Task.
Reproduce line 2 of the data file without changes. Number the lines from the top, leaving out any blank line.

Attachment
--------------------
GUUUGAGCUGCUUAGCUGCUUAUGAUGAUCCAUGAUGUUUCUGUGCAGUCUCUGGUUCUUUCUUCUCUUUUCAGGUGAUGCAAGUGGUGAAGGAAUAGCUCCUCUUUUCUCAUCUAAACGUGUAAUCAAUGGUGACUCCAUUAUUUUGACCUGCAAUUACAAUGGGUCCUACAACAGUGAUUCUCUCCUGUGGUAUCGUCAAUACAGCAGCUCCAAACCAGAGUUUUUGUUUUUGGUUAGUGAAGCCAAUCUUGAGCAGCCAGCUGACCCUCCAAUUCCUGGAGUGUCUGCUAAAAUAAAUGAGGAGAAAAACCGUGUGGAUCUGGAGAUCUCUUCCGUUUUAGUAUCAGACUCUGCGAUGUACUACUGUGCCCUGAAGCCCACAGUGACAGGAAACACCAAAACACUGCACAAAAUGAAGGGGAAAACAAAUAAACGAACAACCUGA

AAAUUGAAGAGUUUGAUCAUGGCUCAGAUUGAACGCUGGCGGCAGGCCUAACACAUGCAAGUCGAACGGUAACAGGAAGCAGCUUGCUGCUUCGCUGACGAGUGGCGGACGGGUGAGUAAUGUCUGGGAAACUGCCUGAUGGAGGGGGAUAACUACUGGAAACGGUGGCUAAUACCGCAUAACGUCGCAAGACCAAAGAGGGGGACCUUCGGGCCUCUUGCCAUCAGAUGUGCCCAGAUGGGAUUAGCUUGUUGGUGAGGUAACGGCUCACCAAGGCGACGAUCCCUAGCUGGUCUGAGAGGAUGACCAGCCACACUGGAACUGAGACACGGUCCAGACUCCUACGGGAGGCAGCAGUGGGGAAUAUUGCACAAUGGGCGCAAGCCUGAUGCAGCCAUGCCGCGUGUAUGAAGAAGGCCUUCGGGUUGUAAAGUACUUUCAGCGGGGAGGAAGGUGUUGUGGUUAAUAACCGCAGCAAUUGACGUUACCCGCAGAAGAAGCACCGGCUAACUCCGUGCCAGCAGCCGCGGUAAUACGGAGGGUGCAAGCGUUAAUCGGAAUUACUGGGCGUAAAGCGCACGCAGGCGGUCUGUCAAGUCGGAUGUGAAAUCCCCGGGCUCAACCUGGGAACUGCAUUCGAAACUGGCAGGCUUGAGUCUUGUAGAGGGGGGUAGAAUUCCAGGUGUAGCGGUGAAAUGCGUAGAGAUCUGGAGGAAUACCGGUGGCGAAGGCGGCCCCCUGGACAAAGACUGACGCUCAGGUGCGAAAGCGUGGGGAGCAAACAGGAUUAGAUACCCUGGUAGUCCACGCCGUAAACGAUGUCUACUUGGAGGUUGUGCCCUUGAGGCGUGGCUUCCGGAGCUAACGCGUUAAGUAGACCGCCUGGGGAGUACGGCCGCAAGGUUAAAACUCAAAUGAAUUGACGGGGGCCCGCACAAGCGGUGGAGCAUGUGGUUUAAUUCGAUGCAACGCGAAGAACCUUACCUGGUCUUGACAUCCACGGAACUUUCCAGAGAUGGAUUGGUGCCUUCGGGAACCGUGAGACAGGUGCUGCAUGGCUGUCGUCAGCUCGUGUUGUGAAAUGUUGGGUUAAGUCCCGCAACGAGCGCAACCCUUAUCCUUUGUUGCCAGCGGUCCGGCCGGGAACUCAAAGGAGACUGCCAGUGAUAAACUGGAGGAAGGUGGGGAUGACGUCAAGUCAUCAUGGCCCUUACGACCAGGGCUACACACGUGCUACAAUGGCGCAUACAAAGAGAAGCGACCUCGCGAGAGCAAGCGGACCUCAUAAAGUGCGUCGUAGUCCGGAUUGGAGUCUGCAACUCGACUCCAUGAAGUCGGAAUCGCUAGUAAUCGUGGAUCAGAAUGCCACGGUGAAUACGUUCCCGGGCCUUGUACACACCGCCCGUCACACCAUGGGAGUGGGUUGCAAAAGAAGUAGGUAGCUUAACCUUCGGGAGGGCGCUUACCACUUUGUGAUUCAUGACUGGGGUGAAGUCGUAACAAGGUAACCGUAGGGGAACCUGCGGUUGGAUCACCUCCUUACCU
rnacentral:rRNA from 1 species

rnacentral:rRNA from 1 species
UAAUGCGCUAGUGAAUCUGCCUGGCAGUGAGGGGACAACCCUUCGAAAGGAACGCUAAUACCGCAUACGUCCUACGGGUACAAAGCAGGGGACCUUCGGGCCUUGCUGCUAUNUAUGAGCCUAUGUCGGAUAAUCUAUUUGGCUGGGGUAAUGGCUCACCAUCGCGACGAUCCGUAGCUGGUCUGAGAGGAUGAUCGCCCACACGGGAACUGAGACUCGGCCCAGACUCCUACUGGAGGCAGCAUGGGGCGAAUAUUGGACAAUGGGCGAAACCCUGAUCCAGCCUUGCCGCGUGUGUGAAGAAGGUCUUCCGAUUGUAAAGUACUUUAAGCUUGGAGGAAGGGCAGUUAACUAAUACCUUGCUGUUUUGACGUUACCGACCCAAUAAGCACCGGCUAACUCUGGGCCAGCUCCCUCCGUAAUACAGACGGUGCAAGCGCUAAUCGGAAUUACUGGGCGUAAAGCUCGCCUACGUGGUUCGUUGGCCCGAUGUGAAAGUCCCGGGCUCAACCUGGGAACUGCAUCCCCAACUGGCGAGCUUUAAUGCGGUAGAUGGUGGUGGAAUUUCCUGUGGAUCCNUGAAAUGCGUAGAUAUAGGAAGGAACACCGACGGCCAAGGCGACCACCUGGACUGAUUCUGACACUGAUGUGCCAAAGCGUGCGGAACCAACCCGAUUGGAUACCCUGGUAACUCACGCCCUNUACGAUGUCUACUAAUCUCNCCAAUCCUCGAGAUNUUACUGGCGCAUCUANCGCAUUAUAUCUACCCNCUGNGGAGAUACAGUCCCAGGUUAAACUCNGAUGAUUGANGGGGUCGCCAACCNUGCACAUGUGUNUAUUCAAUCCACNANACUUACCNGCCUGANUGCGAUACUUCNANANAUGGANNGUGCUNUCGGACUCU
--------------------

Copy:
AAAUUGAAGAGUUUGAUCAUGGCUCAGAUUGAACGCUGGCGGCAGGCCUAACACAUGCAAGUCGAACGGUAACAGGAAGCAGCUUGCUGCUUCGCUGACGAGUGGCGGACGGGUGAGUAAUGUCUGGGAAACUGCCUGAUGGAGGGGGAUAACUACUGGAAACGGUGGCUAAUACCGCAUAACGUCGCAAGACCAAAGAGGGGGACCUUCGGGCCUCUUGCCAUCAGAUGUGCCCAGAUGGGAUUAGCUUGUUGGUGAGGUAACGGCUCACCAAGGCGACGAUCCCUAGCUGGUCUGAGAGGAUGACCAGCCACACUGGAACUGAGACACGGUCCAGACUCCUACGGGAGGCAGCAGUGGGGAAUAUUGCACAAUGGGCGCAAGCCUGAUGCAGCCAUGCCGCGUGUAUGAAGAAGGCCUUCGGGUUGUAAAGUACUUUCAGCGGGGAGGAAGGUGUUGUGGUUAAUAACCGCAGCAAUUGACGUUACCCGCAGAAGAAGCACCGGCUAACUCCGUGCCAGCAGCCGCGGUAAUACGGAGGGUGCAAGCGUUAAUCGGAAUUACUGGGCGUAAAGCGCACGCAGGCGGUCUGUCAAGUCGGAUGUGAAAUCCCCGGGCUCAACCUGGGAACUGCAUUCGAAACUGGCAGGCUUGAGUCUUGUAGAGGGGGGUAGAAUUCCAGGUGUAGCGGUGAAAUGCGUAGAGAUCUGGAGGAAUACCGGUGGCGAAGGCGGCCCCCUGGACAAAGACUGACGCUCAGGUGCGAAAGCGUGGGGAGCAAACAGGAUUAGAUACCCUGGUAGUCCACGCCGUAAACGAUGUCUACUUGGAGGUUGUGCCCUUGAGGCGUGGCUUCCGGAGCUAACGCGUUAAGUAGACCGCCUGGGGAGUACGGCCGCAAGGUUAAAACUCAAAUGAAUUGACGGGGGCCCGCACAAGCGGUGGAGCAUGUGGUUUAAUUCGAUGCAACGCGAAGAACCUUACCUGGUCUUGACAUCCACGGAACUUUCCAGAGAUGGAUUGGUGCCUUCGGGAACCGUGAGACAGGUGCUGCAUGGCUGUCGUCAGCUCGUGUUGUGAAAUGUUGGGUUAAGUCCCGCAACGAGCGCAACCCUUAUCCUUUGUUGCCAGCGGUCCGGCCGGGAACUCAAAGGAGACUGCCAGUGAUAAACUGGAGGAAGGUGGGGAUGACGUCAAGUCAUCAUGGCCCUUACGACCAGGGCUACACACGUGCUACAAUGGCGCAUACAAAGAGAAGCGACCUCGCGAGAGCAAGCGGACCUCAUAAAGUGCGUCGUAGUCCGGAUUGGAGUCUGCAACUCGACUCCAUGAAGUCGGAAUCGCUAGUAAUCGUGGAUCAGAAUGCCACGGUGAAUACGUUCCCGGGCCUUGUACACACCGCCCGUCACACCAUGGGAGUGGGUUGCAAAAGAAGUAGGUAGCUUAACCUUCGGGAGGGCGCUUACCACUUUGUGAUUCAUGACUGGGGUGAAGUCGUAACAAGGUAACCGUAGGGGAACCUGCGGUUGGAUCACCUCCUUACCU